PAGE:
After unquestionably being one of the best games of 2020,
Ghost of Tsushima recently came back with a vengeance. Not only did it get a brand new expansion centered around Iki Island, but the Director’s Cut also added a true PS5 version of the game for those lucky enough to get their hands on the latest and greatest console.
But aside from the new single-player content, the shockingly robust post-launch multiplayer mode known as Legends is getting a whole new revitalization as well. For one thing, Legends is now available as a standalone game for the first time ever, meaning that those only interested in teaming up with their friends for a samurai adventure won’t need to bog down their system or wallets with the full story of Jin Sakai as well. But whether you’re a new Legends convert or a returning veteran, the Rivals mode brings a competitive aspect to the otherwise-cooperative experience, and some major new additions to gear, skills, and other leveling are giving even the most diehard of players something new to pursue.
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To hear more about what went into Legends both last originally and recently, SPIN chopped it up with Sucker Punch Productions Senior Game Designer Darren Bridges about one of the most pleasant multiplayer surprises in PlayStation history.
SPIN: At what point did you decide to add a full-blown multiplayer game into Ghost of Tsushima rather than an underwhelming multiplayer mode like so many other titles do?
Darren Bridges: From the very beginning, when we first pitched Ghost, we knew we wanted to do multiplayer — but we weren’t sure how we were going to integrate it or what the framing of it was going to be. We spent several months playing through different ideas and design scenarios while we were building up the technology, because this is still in the first year of Ghost’s development. One of the things we realized early on is that a lot of the stuff that makes the single-player campaign great just doesn’t work in multiplayer. Ghost is like a time machine, and a lot of the appeal is feeling like you’re immersed in this culture and space — so if your friend’s yelling at you, that doesn’t help with that immersion. We really tried to come up with a co-op experience that would have a different focus, because there’s a lot of other stuff that makes co-op fun. We eventually came to the idea of Legends, because it’s connected to the story of Jin as a spinoff, but it opens up a lot of the design and gives us the freedom we wanted to really deliver a great co-op experience for things like the progression and powers that players can use.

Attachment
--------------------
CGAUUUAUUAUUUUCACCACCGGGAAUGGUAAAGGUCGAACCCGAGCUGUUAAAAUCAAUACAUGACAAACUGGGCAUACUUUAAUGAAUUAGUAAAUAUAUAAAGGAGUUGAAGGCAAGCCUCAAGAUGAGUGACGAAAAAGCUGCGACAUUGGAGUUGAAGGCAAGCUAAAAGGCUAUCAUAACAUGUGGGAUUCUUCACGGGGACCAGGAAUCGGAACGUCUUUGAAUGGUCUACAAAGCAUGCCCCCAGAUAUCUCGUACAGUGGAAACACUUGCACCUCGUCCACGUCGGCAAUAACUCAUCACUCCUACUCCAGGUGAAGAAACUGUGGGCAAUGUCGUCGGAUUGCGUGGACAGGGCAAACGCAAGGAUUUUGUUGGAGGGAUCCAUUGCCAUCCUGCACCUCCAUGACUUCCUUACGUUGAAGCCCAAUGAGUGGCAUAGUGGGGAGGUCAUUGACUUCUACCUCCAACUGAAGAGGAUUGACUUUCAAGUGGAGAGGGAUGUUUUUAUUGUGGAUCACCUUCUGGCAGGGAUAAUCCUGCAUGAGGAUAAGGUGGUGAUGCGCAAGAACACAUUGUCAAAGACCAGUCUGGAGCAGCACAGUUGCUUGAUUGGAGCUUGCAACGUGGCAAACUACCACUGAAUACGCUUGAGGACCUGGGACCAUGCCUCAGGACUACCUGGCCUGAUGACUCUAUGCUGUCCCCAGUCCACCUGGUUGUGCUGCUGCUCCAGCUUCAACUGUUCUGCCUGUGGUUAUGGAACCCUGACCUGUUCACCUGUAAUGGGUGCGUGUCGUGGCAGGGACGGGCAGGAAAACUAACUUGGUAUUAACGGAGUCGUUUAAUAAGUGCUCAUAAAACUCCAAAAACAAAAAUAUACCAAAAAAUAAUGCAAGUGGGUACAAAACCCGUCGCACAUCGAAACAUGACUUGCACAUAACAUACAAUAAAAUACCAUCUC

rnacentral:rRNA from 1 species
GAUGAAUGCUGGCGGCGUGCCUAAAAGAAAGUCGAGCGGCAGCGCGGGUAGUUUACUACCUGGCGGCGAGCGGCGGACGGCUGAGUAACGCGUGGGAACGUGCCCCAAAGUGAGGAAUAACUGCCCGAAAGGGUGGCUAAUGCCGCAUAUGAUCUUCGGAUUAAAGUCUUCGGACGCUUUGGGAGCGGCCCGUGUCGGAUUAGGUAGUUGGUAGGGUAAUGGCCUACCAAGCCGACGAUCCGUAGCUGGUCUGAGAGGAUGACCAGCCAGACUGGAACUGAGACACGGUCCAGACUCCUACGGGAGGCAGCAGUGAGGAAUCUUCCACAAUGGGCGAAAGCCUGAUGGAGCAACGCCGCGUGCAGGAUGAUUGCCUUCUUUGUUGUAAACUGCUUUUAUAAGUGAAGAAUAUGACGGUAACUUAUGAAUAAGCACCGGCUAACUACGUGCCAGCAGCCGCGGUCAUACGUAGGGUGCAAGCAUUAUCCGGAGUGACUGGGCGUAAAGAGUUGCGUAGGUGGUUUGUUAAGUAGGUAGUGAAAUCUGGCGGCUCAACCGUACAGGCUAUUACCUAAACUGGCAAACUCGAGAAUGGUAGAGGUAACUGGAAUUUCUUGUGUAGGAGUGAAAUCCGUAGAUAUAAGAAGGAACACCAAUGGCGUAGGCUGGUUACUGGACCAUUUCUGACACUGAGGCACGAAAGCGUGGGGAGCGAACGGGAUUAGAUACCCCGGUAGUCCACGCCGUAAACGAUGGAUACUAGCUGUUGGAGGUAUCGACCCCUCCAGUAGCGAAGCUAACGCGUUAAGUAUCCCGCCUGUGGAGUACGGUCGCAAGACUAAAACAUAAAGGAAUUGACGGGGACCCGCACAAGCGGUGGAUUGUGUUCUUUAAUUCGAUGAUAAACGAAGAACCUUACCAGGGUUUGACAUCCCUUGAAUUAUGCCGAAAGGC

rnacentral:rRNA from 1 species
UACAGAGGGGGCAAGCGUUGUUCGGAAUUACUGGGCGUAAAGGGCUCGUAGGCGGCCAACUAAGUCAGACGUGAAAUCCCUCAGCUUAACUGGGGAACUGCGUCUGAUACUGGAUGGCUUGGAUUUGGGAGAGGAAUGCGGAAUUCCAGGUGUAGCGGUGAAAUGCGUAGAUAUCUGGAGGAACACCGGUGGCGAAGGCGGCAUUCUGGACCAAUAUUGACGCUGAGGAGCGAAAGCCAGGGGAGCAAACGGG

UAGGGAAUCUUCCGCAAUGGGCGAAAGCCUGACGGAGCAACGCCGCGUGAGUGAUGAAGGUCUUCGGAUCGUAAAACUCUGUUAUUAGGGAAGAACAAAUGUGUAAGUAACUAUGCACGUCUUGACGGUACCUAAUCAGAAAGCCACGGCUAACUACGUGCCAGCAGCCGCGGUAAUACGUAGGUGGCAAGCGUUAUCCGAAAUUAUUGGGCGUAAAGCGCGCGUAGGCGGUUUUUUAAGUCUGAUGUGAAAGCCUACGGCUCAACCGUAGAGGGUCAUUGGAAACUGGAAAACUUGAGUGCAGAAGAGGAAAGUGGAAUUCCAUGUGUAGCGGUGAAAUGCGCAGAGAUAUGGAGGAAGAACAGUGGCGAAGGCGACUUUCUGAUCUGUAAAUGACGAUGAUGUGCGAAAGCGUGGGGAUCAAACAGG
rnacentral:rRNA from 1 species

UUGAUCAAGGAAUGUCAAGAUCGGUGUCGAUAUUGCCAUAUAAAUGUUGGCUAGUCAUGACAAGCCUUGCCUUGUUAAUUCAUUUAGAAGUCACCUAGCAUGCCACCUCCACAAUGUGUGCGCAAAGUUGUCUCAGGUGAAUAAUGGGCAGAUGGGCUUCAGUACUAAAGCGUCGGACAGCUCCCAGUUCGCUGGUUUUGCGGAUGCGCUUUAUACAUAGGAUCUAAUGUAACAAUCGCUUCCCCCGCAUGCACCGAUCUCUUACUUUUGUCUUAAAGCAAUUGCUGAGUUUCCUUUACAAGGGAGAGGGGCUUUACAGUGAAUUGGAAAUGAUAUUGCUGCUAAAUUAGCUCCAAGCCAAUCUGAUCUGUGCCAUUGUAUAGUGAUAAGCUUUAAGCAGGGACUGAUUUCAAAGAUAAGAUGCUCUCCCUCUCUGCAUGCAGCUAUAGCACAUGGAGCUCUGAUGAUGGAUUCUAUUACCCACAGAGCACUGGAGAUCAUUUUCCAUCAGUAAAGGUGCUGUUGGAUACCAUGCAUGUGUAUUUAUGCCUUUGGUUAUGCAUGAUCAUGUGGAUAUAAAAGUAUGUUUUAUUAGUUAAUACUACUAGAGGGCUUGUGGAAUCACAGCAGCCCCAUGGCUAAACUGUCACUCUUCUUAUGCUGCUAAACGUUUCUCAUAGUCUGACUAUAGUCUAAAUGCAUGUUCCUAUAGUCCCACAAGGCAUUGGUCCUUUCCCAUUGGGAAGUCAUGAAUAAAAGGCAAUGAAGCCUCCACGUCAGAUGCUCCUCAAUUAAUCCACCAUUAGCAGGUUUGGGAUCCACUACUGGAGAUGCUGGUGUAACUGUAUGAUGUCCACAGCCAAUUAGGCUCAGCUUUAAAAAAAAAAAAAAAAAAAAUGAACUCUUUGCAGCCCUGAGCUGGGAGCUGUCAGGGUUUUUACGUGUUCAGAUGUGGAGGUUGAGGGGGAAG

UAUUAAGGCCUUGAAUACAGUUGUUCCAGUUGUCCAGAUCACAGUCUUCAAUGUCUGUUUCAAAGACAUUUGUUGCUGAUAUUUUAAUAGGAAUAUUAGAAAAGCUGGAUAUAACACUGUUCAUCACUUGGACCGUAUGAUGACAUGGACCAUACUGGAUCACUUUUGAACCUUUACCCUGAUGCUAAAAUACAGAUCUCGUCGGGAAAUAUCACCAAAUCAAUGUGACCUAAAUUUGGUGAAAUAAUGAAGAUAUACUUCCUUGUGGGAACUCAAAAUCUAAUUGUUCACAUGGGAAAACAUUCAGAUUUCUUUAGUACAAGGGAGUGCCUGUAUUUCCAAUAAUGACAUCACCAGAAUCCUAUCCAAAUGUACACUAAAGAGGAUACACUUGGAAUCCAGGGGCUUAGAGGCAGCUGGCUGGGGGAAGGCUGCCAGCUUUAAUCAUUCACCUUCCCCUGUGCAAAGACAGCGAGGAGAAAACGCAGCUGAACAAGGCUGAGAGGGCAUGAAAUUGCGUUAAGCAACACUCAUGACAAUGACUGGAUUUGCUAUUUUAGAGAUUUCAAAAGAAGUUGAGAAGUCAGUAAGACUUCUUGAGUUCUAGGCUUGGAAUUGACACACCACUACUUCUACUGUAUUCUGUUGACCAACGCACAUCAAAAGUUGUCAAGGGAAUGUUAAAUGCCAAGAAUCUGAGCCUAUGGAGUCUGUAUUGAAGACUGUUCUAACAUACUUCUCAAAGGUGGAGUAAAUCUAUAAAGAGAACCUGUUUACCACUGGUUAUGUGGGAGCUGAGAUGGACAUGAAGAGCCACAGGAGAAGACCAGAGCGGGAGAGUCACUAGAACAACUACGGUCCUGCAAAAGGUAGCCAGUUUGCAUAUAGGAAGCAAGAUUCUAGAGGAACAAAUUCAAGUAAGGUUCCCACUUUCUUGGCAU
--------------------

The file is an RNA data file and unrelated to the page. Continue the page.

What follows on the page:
In addition to Legends’ existing co-op story, survival mode, and raid, there’s now the more competitive Rivals mode. What went into making that instead of a traditional player vs. player mode?
Rivals came from an idea that we were interested in for years — even before we started working on Ghost — which is a competitive mode that isn’t directly competitive. If you’ve ever played games like Super Puzzle Fighter II Turbo or Tetris Attack, it’s like a race where you can kind of sabotage the other person while you’re trying to accomplish a goal as fast as you can. Even back when we worked on inFAMOUS, we thought it would be cool if you translated that mechanic or that idea into a 3D third-person space. This time, we already had a multiplayer platform and all this stuff, so it felt like a great time to explore that idea.
I think of the multiplayer space as a kind of amusement park. If you go there with one friend, you have something to do. If you go there with three friends, you have something to do. If you go there by yourself, you have something to do. We’re trying to make stuff that fills all these roles. If people want to come and play a role, there’s something for them to do. I think Rivals hits a really cool new note in that experience, which is the competitive angle. When you play Rivals, it feels very different from the rest of the game. The pacing of it is much faster — the sessions are 10-15 minutes — and you’re feeling the presence of the other team making progress the whole time. It’s just very frantic and fun.